Diary of a busy practitioner, juggling work and family somewhere in England



In December 2021 I wrote a blog about the perils of Secret Santa without a shred of advice on how to overcome said peril. Two years later I’m here with some actual ideas to help you through it.

  1. Don’t take part.

It is a bold position to take but if you can get away with it, just don’t do it. Spend the money on a Sainsbury’s Taste the Difference bottle of Special Reserve Port (£9 with a Nectar card) and go and sit in front of the telly with it on your own/with people you aren’t paid to spend time with. Wonderful.

  1. Free gifts

If you are going to take part, consider free gifts. I don’t actually mean free gifts like the Irwin Mitchell pen I managed to put in my pocket earlier this year, but gifts that are free to you. I would give anything for someone to spend twenty minutes sorting the apps in my phone into folders. Or babysit my children.

  1. Stand4 Socks

I love this company. Socks are, apparently, one of the most requested items from homeless people and every time you buy a jazzy pair from this website, they donate a thick, antibacterial pair to someone in need. Perfect.

  1. Something they need

Spend a day or two watching (casually, not creepily) the person you have to buy for. What do they actually need? Are they eating their lunch out of an old biscuit tin, like I have been lately? How does their stationery game look? Is their phone case half broken? I’m loving the Spark Company’s mugs- not all appropriate for the workplace though, especially the one that at first glance looks like a flower. My favourites are “What Would Dolly Do” and “Riots not Diets”.

  1. Lots of little things

If you are worried that your £10 doesn’t look like it is going to stretch very far, I’m here to tell you that in Tesco you can get four Dairy Milks for £1.50- or 28 for £10.50. Has anyone ever bought a better Secret Santa gift than TWENTY EIGHT CHOCOLATE BARS? You would be a hero. Alternatively, go to the pound shop and buy ten items with your money. Or that awful website that seems to have come from nowhere this year, but you will have to wipe fragments of the hopes and dreams of the small children who made them off the items when they arrive. As long as you are OK with that.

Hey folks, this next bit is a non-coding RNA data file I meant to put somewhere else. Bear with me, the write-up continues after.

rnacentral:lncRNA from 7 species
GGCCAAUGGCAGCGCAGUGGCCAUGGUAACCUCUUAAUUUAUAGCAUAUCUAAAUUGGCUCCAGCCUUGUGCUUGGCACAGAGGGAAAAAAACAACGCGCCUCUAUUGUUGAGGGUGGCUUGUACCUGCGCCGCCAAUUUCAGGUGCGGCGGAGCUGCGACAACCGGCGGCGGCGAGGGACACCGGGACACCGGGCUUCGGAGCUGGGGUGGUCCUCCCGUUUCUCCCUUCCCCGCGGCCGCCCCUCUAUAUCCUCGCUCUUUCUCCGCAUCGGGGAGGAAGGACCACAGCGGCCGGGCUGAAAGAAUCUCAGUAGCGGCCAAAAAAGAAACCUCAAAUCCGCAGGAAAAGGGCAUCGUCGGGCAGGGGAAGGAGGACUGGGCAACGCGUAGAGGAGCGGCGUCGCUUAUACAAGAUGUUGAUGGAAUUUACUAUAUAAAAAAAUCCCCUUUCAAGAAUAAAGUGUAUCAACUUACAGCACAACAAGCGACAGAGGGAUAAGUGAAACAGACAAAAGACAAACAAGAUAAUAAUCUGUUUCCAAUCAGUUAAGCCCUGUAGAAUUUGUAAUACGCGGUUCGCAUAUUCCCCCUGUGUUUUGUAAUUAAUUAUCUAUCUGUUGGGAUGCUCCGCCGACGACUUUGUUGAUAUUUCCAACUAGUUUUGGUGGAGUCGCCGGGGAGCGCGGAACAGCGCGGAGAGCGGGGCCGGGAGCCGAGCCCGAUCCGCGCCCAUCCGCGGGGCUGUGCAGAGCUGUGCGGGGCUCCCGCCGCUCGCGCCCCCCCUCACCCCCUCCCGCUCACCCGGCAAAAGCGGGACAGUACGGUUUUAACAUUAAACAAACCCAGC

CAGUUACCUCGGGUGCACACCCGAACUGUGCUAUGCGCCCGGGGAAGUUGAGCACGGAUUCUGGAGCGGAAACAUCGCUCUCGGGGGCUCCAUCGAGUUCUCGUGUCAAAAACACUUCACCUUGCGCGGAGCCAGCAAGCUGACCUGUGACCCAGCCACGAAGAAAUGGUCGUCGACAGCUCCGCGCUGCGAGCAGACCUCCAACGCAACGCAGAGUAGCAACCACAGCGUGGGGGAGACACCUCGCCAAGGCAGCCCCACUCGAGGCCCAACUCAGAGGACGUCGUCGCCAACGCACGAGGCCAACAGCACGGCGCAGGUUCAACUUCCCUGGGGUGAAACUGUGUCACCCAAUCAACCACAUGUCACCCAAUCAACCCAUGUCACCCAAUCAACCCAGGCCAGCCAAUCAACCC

1. A book

It isn’t edible underwear (we decided two years ago that was no longer acceptable) but there is nothing better than a book, is there? My default purchase (if you don’t know what they would like) would be a Richard Osman one- and the most recent release (The Last Devil to Die) was one of the best of the series. I was actually obsessed by The Running Grave (the most recent Cormoran Strike book) earlier in the year too. For the Young People, there are a number of cookbooks based on TikTok cooking hacks and recipes. And, surely, a Grisham will always go down well with a lawyer.

  1. Something personalised

It still blows my mind that we can just order most things personalised these days. Obviously, my children still spend as much time as I did in every gift shop desperate to find a fridge magnet with their name on, but it really is unnecessary with so many personalised gifts available online. Is someone always moaning that their stapler is missing? Get them one with their name on!

  1. Just something nice

In my previous blog on this subject I referred to a colleague who was permanently emotionally scarred by getting a candle in a candle holder in the Secret Santa of (about) 1887 because (I think) she thought it meant people thought she couldn’t take a joke. But I think, with all the other things we have to think about at this time of year, this must have been a relatively isolated incident and it is perfectly acceptable to just get someone something nice that they can use. A bottle (eg Baileys currently £10 with a Nectar card in Sainsburys), a tin of biscuits (M&S snowy light up shortbread tin £10) or a plant (Beards & Daisies peace lily £10) would all - in my opinion- be delightful.

Happy Christmas everyone!